Bridging the Gap in Education and Equality

The Day of the African Child is a yearly celebration highlighting the resilience and potential of African children. Every year on June 16, we honour the students who bravely protested against educational injustice and inequality in the apartheid regime, remembering the tragedy that unfolded in Soweto, South Africa, in 1976. Recognized as the Day of the African Child since 1991 by the African Union, this significant occasion brings attention to the importance of safeguarding children’s rights.

This year’s Day of the African Child has a special focus on safeguarding and championing the rights of children in the digital world. With the growing number of children using the Internet, the digital environment holds tremendous potential to provide them with excellent and inclusive education, including distance learning and mobile resources, along with access to valuable information. However, it’s crucial to acknowledge the risks that come hand in hand. Cyberbullying, sextortion, exposure to harmful content, mental health concerns, and data misuse pose significant threats to the well-being, health, and rights of children.

In May 2022, Africa had approximately 590 million users, with an internet penetration rate of 43%. Among these users, children make up a significant portion, representing one-third of all internet users worldwide. This means that they are actively engaging with the virtual world. However, it’s important to note that not all children have access to the internet. The COVID-19 pandemic has exacerbated this inequality, particularly for learners in marginalized areas. Many children residing in these areas come from disadvantaged households that lack essential resources like electricity and internet connectivity. Additionally, these households often struggle to afford smartphones, which are fundamental tools for accessing online educational content.

The 2019 Kenya Population and Housing Census revealed that 4.0% of primary school learners and 23.9% of secondary school learners utilize the Internet. However, a significant regional disparity exists between rural and urban areas. In rural regions, only 2.0% of primary school learners have access to the Internet, whereas, in urban areas, the figure rises to 10.3%. These glaring disparities highlight the substantial gap in internet and mobile phone accessibility for low socio-economic households in marginalized areas.

The lack of internet access further hinders the realization of children’s rights in the digital realm. Our work at Men End FGM involves working with communities in rural areas to create an environment where children can flourish and express themselves without being subjected to any form of violence that could impede their potential or harm their well-being. Through my encounters with parents in these areas, their desire is to see their children have access to the internet and learning equipment such as mobile phones and computers, to enable them to experience the same online educational opportunities as children in urban areas.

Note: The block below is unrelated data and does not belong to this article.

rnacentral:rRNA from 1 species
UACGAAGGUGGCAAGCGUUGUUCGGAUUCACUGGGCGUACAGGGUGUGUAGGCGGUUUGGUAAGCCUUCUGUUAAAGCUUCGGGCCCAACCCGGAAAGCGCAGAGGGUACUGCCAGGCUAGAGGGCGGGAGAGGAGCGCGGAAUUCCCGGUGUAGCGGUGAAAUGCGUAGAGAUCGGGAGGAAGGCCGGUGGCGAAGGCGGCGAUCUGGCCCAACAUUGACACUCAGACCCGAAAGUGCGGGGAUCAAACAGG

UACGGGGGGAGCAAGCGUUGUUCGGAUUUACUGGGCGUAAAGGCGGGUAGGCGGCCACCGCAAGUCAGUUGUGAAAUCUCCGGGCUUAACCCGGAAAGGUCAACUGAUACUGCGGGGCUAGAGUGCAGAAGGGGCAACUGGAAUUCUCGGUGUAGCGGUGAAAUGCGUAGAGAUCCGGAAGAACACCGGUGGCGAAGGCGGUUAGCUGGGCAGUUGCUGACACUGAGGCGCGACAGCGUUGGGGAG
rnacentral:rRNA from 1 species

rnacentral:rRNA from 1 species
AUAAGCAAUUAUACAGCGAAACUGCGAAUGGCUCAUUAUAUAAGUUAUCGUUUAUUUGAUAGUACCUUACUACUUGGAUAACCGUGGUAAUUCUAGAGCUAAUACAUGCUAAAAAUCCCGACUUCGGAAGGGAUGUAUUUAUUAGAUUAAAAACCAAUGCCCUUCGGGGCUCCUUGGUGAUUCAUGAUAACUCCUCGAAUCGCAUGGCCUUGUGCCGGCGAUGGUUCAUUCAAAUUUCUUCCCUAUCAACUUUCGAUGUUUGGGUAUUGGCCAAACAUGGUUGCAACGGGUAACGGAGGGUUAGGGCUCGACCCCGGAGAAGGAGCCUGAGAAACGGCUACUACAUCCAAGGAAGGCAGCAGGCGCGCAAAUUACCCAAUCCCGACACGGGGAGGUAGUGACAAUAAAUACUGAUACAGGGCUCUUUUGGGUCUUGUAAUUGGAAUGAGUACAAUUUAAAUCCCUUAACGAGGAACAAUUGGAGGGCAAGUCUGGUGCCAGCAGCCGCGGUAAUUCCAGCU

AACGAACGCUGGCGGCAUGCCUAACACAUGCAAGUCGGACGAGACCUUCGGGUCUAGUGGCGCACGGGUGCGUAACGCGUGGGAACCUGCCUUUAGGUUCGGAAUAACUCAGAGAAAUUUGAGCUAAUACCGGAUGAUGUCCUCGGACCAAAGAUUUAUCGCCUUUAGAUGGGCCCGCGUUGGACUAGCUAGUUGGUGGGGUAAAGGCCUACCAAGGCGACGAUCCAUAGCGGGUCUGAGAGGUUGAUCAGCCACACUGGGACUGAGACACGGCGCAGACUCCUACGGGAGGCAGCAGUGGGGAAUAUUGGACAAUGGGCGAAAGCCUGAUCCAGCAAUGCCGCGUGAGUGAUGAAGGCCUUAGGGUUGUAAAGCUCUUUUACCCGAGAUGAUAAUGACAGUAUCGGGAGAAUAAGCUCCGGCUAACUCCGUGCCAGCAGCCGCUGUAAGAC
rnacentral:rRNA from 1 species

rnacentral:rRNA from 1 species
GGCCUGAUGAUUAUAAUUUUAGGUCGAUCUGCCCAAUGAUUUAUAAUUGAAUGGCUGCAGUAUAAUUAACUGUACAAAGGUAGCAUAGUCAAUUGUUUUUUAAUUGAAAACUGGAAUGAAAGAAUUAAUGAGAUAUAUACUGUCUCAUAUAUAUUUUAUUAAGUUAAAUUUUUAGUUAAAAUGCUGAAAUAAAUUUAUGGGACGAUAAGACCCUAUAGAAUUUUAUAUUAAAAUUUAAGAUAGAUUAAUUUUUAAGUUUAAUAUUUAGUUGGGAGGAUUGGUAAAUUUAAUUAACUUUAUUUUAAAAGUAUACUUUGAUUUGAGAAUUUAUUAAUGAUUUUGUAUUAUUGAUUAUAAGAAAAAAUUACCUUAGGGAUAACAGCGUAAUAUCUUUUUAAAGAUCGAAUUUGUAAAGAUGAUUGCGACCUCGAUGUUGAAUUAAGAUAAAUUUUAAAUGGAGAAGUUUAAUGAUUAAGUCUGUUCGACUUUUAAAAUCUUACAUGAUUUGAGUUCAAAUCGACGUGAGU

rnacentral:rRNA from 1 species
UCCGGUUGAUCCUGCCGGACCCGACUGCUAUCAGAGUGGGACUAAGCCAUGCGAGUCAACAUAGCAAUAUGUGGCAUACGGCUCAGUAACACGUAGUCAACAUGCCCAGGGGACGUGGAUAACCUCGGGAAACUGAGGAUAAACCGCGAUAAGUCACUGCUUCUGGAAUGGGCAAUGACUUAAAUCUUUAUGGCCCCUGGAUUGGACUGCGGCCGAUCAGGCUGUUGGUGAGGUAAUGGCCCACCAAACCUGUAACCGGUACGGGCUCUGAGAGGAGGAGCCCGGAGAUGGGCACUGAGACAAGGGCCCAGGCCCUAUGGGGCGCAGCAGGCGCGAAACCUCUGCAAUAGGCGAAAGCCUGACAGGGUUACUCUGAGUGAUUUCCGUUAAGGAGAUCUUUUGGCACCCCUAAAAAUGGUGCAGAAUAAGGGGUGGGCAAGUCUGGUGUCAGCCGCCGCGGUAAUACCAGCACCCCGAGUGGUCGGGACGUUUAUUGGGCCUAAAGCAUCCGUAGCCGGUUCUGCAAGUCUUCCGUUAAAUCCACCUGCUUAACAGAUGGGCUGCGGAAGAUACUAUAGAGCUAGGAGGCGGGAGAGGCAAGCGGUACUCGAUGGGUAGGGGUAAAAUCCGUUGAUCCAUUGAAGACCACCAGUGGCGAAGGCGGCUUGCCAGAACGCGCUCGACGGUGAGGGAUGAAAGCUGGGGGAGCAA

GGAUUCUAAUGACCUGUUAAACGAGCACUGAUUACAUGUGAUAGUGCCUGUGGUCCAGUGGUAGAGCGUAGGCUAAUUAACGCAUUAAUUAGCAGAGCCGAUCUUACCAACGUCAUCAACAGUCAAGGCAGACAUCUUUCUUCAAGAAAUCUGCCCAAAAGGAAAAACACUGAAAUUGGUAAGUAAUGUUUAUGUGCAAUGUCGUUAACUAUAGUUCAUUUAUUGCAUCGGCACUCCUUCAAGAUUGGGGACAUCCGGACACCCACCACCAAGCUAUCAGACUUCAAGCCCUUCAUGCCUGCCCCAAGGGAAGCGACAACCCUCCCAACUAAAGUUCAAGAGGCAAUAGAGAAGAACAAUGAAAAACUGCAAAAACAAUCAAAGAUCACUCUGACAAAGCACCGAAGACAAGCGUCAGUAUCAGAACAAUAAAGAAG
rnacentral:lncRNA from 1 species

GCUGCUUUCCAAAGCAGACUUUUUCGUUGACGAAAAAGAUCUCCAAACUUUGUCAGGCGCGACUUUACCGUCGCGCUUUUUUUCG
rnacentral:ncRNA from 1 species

Unfortunately, this is not the reality for the majority of learners in marginalized areas, as they could not access quality education during the prolonged school closures due to a lack of internet connectivity, poor data transmission and poor infrastructure. Furthermore, the pressing concerns of meeting basic needs often take precedence over digital requirements, making digital access a low priority for these communities. 

Bridging this digital divide is crucial to ensuring inclusive and equitable quality education and promoting non-discrimination by granting all children equal and effective access to the digital world.

As we celebrate the Day of the African Child, let us remember the importance of protecting and promoting children’s rights in the digital age. While the digital environment offers immense potential, it also poses significant risks. Without adequate protective measures in place, children become more vulnerable to online harm. Therefore, it is of utmost importance to establish the necessary conditions for a safer digital environment. Stakeholders, including parents, educators, and policymakers, play a pivotal role in promoting and safeguarding children’s rights in the digital sphere.

In addition, it is essential to implement policies and other measures that promote affordable internet access. Addressing the disparity in the digital divide is crucial. Children should not only have access to the internet but should also be equipped with digital literacy skills and tools to navigate the online world safely. It is our collective responsibility to bridge the digital divide, ensuring that every child, regardless of their socioeconomic background, has access to inclusive and equitable education.

WUSC, 2020; Engzell et al., 2020

African Population and Health Research Center (APHRC) 2020

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